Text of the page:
WASHINGTON (PAI) - The newly elected, slightly more Democratic U.S. Senate must tackle comprehensive filibuster reform or it will grind to a dead halt again, a panel that discussed the impact of the election on the judiciary concludes.
And the group, speaking at the American Constitution Society, a group of progressive lawyers, says that includes much more than just lowering the number of votes, now 60, needed to shut off filibuster threats and get anything done.
It also means another change in the Senate's rules to eliminate the allied threat that once a filibuster has been stopped, there still can be 30 hours of "debate" on a bill or a presidential nomination - and that there doesn't have to be a real debate, just one senator speaking to an empty chamber.
Filibuster reform is important for unions and their allies. Used and abused by right wing Republicans against the Obama administration, filibusters blocked judicial nominees and nominees to the National Labor Relations Board-paralyzing the agency
And just the threat of a filibuster, aided by a massive multi-million-dollar big business campaign against it, prevented the Senate from even considering labor's top legislative priority, the Employee Free Choice Act. That law was designed to help level the playing field between workers and bosses in union organizing and elections.
All that has led the Communications Workers to make filibuster reform a top cause and they're trying to bring the rest of the union movement along. The union reiterated that goal in post-election comments.
"The 2012 election makes the reform even more paramount," it said. "Seven Democratic senators-elect - Tammy Baldwin (Wis.), Martin Heinrich (N.M.), Heidi Heitkamp (N.D.), Mazie Hirono (Hawaii), Tim Kaine (Va.), Chris Murphy (Conn.) and Elizabeth Warren (Mass.) - have all already pledged to Sen. Jeff Merkley, D-Ore., to support rules reform. And Maine's Independent candidate, former Gov. Angus King won on a platform included filibuster reform as a major campaign issue.
"The American people want their elected officials to debate and address the major issues of our time and to move past obstruction for obstruction's sake," added CWA Legislative Director Shane Larson.
"Momentum is squarely on the side of substantial reforms, as seen in Majority
Leader Harry Reid's remarks and the continued leadership of rules reform champions like Sens. Tom Harkin, Merkley, and Mark Udall. Now with newly elected senators pledging to overhaul the chamber's filibuster rules, it's time to act."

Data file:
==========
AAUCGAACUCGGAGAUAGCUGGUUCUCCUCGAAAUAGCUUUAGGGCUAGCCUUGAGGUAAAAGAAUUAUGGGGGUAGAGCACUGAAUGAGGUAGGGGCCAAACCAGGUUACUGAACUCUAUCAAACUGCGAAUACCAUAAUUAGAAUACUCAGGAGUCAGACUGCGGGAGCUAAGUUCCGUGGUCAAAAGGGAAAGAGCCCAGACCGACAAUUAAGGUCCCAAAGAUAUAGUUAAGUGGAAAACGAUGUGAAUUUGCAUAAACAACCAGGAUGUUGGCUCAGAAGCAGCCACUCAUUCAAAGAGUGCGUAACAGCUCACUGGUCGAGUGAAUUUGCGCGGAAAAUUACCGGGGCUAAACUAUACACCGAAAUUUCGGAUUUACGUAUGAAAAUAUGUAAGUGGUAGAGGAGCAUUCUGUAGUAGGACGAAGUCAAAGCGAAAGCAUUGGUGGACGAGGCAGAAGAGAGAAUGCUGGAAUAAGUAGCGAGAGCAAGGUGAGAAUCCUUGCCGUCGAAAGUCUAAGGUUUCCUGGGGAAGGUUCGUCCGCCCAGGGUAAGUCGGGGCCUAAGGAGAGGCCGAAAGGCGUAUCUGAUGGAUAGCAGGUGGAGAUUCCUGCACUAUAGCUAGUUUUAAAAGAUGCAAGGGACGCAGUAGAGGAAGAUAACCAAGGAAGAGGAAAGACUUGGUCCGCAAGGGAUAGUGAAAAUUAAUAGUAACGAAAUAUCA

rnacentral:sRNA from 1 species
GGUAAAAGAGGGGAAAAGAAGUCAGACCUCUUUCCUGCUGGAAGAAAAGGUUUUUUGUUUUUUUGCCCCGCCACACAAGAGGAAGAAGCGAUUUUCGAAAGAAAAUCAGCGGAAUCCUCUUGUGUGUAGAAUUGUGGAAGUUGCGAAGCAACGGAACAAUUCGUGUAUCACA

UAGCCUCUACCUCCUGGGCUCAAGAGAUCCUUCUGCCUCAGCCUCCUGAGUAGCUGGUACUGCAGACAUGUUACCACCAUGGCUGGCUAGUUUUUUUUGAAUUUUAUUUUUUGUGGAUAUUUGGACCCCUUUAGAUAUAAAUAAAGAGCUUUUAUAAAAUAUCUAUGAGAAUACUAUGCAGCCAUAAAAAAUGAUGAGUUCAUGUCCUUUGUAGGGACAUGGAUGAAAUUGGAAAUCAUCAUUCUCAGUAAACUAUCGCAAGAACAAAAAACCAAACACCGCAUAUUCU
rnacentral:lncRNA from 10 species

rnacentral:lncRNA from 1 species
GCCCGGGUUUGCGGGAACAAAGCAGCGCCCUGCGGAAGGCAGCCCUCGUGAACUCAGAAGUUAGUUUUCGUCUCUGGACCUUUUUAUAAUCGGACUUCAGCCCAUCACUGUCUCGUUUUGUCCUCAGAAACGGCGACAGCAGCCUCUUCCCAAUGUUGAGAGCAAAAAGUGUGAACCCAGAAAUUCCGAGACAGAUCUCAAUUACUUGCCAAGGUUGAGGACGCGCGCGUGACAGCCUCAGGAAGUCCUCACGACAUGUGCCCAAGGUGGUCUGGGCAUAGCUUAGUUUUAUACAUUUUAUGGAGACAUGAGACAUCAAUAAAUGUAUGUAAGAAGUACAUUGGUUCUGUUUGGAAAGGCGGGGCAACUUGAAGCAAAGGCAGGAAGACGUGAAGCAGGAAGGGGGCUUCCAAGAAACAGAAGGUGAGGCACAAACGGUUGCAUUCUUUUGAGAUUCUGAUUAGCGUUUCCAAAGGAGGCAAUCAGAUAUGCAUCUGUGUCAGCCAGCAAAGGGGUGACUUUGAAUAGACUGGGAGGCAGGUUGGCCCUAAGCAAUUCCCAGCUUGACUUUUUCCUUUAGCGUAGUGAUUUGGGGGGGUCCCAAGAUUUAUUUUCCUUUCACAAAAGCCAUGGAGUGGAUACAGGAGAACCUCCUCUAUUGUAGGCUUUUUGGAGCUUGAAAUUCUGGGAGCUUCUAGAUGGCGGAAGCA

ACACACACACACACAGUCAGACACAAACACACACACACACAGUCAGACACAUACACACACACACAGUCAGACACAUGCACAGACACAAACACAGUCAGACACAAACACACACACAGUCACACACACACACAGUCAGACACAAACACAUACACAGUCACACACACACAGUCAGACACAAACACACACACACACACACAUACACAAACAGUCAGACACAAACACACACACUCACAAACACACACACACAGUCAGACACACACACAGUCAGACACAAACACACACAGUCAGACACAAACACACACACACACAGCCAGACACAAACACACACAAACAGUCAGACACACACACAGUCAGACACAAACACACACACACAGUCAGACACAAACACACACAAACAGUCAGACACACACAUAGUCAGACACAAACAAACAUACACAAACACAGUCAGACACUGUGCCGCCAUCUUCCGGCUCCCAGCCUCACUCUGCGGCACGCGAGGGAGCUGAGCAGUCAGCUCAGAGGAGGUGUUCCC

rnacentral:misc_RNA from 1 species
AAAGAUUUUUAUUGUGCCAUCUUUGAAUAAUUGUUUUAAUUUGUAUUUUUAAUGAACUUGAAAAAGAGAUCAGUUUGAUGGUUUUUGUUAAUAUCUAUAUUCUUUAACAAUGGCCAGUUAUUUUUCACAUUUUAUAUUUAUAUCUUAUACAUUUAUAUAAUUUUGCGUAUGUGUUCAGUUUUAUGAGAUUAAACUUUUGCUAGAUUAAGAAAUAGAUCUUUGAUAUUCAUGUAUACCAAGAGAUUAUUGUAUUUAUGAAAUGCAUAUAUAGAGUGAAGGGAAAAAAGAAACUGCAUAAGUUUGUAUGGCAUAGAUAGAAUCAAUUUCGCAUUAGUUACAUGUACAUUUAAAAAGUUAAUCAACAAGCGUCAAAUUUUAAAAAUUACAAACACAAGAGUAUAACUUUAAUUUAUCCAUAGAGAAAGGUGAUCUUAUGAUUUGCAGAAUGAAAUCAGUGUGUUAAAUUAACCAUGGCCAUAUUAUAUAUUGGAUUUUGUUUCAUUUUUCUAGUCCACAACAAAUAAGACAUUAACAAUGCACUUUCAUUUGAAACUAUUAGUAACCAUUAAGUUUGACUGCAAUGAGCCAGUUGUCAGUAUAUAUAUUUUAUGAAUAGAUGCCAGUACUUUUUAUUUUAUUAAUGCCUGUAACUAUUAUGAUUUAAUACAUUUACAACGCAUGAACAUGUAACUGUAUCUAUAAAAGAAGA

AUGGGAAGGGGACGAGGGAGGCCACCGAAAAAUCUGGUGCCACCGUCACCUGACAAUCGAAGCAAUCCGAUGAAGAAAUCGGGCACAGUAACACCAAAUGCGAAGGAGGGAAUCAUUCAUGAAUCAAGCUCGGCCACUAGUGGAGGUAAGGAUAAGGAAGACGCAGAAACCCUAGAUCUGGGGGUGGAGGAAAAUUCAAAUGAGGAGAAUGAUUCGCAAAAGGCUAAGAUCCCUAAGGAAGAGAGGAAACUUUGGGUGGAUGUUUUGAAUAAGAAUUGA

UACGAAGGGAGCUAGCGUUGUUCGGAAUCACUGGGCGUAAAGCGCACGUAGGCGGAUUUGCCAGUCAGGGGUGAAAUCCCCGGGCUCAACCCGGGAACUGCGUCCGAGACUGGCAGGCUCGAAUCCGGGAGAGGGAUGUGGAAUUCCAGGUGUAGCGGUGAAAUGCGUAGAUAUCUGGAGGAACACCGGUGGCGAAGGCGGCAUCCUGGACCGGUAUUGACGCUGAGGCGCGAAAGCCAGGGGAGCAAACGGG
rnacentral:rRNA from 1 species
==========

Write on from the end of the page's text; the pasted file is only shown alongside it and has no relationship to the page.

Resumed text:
The ACS panel said the window is narrow - "several weeks"-for changing the rules to throttle the filibusters. The old Senate's rules, including its 60-votes-for-cloture requirement, do not bind the new Senate.
The panelists contend the new Senate can adopt new rules, right at the beginning of the 113th Congress, by a simple 51-senator majority. The election left the new Senate with 53 Democrats, a gain of two, plus two independents. One, Bernie Sanders, caucuses with the Democrats. The other, King, is expected to also do so.
But stopping the filibuster will take more than just reducing the number of senators needed to end such talkathons, said one panelist, Ian Millhiser of the Center for American Progress, a liberal think tank.
"Want to do something? Bring up filibuster reform in lobbying lawmakers, he challenged the capacity crowd at the ACS event. "With 51 votes, the Senate can do whatever it wants to do" at the start of the New Year, he said.
That includes not only reducing the number of senators needed for cloture, as Harkin proposes, from 60 to 57 to 64 to 51, vote by vote. It also includes eliminating the 30 hours of debate after the filibuster is halted. And it should also include a requirement Merkley proposes: If senators want to filibuster, at least 20 of them must physically be there to do so. "If one steps out to go to the bathroom, you can call for a vote" on a bill or nomination, Millhiser said.
"We've got to do something about those 60 votes and 30 hours," he said.